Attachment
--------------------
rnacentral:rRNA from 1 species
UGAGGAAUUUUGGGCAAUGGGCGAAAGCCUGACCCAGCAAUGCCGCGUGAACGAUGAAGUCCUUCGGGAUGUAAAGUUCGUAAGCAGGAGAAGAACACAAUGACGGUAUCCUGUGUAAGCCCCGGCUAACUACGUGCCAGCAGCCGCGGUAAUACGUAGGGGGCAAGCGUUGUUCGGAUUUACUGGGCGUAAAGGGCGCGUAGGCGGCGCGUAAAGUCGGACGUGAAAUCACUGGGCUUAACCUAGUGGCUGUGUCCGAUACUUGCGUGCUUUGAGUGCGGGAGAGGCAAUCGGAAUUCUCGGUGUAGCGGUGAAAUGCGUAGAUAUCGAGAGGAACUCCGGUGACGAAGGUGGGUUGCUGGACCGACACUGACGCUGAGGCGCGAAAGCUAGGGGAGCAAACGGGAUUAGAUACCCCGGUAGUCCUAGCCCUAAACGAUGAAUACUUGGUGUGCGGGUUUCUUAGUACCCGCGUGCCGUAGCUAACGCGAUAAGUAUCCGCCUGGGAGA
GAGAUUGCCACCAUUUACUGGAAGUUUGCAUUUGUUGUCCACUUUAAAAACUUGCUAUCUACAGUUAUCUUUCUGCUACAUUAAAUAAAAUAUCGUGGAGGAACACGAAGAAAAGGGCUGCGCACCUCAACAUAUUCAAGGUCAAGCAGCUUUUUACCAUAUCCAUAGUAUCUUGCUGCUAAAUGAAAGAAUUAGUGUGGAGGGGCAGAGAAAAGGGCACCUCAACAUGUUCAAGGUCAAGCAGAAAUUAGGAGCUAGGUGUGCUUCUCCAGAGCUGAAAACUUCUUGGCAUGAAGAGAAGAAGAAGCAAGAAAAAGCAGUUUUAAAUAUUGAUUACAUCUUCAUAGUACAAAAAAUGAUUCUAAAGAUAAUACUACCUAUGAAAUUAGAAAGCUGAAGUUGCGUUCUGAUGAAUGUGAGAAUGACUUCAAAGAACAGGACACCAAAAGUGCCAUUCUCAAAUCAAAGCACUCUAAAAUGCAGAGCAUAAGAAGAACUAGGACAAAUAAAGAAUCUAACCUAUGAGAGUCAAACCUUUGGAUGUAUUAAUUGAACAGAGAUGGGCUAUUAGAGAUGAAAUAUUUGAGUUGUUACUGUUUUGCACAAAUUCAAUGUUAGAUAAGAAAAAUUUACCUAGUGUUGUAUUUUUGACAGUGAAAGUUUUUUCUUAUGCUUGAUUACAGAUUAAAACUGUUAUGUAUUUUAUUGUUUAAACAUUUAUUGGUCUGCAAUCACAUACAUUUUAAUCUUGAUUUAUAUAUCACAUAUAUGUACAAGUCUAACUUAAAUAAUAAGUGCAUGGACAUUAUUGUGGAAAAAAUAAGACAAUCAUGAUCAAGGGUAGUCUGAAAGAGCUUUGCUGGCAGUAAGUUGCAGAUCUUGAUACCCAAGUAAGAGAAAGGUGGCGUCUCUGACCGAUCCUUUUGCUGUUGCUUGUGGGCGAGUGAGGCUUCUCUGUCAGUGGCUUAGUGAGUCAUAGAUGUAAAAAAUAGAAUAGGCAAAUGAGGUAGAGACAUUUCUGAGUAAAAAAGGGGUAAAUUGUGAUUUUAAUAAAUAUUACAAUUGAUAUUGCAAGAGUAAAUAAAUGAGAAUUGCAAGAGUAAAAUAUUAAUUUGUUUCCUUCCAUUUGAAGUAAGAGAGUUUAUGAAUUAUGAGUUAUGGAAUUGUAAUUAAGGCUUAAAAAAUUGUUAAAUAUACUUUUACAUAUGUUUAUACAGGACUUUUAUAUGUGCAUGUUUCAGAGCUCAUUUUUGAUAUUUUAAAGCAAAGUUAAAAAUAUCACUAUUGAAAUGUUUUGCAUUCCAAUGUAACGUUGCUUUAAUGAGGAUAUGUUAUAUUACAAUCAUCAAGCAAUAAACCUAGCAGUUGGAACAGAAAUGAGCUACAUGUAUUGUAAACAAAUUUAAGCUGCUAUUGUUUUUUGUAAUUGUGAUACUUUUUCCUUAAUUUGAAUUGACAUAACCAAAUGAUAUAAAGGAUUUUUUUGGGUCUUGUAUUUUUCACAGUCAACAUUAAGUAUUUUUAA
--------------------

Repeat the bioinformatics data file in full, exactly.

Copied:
rnacentral:rRNA from 1 species
UGAGGAAUUUUGGGCAAUGGGCGAAAGCCUGACCCAGCAAUGCCGCGUGAACGAUGAAGUCCUUCGGGAUGUAAAGUUCGUAAGCAGGAGAAGAACACAAUGACGGUAUCCUGUGUAAGCCCCGGCUAACUACGUGCCAGCAGCCGCGGUAAUACGUAGGGGGCAAGCGUUGUUCGGAUUUACUGGGCGUAAAGGGCGCGUAGGCGGCGCGUAAAGUCGGACGUGAAAUCACUGGGCUUAACCUAGUGGCUGUGUCCGAUACUUGCGUGCUUUGAGUGCGGGAGAGGCAAUCGGAAUUCUCGGUGUAGCGGUGAAAUGCGUAGAUAUCGAGAGGAACUCCGGUGACGAAGGUGGGUUGCUGGACCGACACUGACGCUGAGGCGCGAAAGCUAGGGGAGCAAACGGGAUUAGAUACCCCGGUAGUCCUAGCCCUAAACGAUGAAUACUUGGUGUGCGGGUUUCUUAGUACCCGCGUGCCGUAGCUAACGCGAUAAGUAUCCGCCUGGGAGA
GAGAUUGCCACCAUUUACUGGAAGUUUGCAUUUGUUGUCCACUUUAAAAACUUGCUAUCUACAGUUAUCUUUCUGCUACAUUAAAUAAAAUAUCGUGGAGGAACACGAAGAAAAGGGCUGCGCACCUCAACAUAUUCAAGGUCAAGCAGCUUUUUACCAUAUCCAUAGUAUCUUGCUGCUAAAUGAAAGAAUUAGUGUGGAGGGGCAGAGAAAAGGGCACCUCAACAUGUUCAAGGUCAAGCAGAAAUUAGGAGCUAGGUGUGCUUCUCCAGAGCUGAAAACUUCUUGGCAUGAAGAGAAGAAGAAGCAAGAAAAAGCAGUUUUAAAUAUUGAUUACAUCUUCAUAGUACAAAAAAUGAUUCUAAAGAUAAUACUACCUAUGAAAUUAGAAAGCUGAAGUUGCGUUCUGAUGAAUGUGAGAAUGACUUCAAAGAACAGGACACCAAAAGUGCCAUUCUCAAAUCAAAGCACUCUAAAAUGCAGAGCAUAAGAAGAACUAGGACAAAUAAAGAAUCUAACCUAUGAGAGUCAAACCUUUGGAUGUAUUAAUUGAACAGAGAUGGGCUAUUAGAGAUGAAAUAUUUGAGUUGUUACUGUUUUGCACAAAUUCAAUGUUAGAUAAGAAAAAUUUACCUAGUGUUGUAUUUUUGACAGUGAAAGUUUUUUCUUAUGCUUGAUUACAGAUUAAAACUGUUAUGUAUUUUAUUGUUUAAACAUUUAUUGGUCUGCAAUCACAUACAUUUUAAUCUUGAUUUAUAUAUCACAUAUAUGUACAAGUCUAACUUAAAUAAUAAGUGCAUGGACAUUAUUGUGGAAAAAAUAAGACAAUCAUGAUCAAGGGUAGUCUGAAAGAGCUUUGCUGGCAGUAAGUUGCAGAUCUUGAUACCCAAGUAAGAGAAAGGUGGCGUCUCUGACCGAUCCUUUUGCUGUUGCUUGUGGGCGAGUGAGGCUUCUCUGUCAGUGGCUUAGUGAGUCAUAGAUGUAAAAAAUAGAAUAGGCAAAUGAGGUAGAGACAUUUCUGAGUAAAAAAGGGGUAAAUUGUGAUUUUAAUAAAUAUUACAAUUGAUAUUGCAAGAGUAAAUAAAUGAGAAUUGCAAGAGUAAAAUAUUAAUUUGUUUCCUUCCAUUUGAAGUAAGAGAGUUUAUGAAUUAUGAGUUAUGGAAUUGUAAUUAAGGCUUAAAAAAUUGUUAAAUAUACUUUUACAUAUGUUUAUACAGGACUUUUAUAUGUGCAUGUUUCAGAGCUCAUUUUUGAUAUUUUAAAGCAAAGUUAAAAAUAUCACUAUUGAAAUGUUUUGCAUUCCAAUGUAACGUUGCUUUAAUGAGGAUAUGUUAUAUUACAAUCAUCAAGCAAUAAACCUAGCAGUUGGAACAGAAAUGAGCUACAUGUAUUGUAAACAAAUUUAAGCUGCUAUUGUUUUUUGUAAUUGUGAUACUUUUUCCUUAAUUUGAAUUGACAUAACCAAAUGAUAUAAAGGAUUUUUUUGGGUCUUGUAUUUUUCACAGUCAACAUUAAGUAUUUUUAA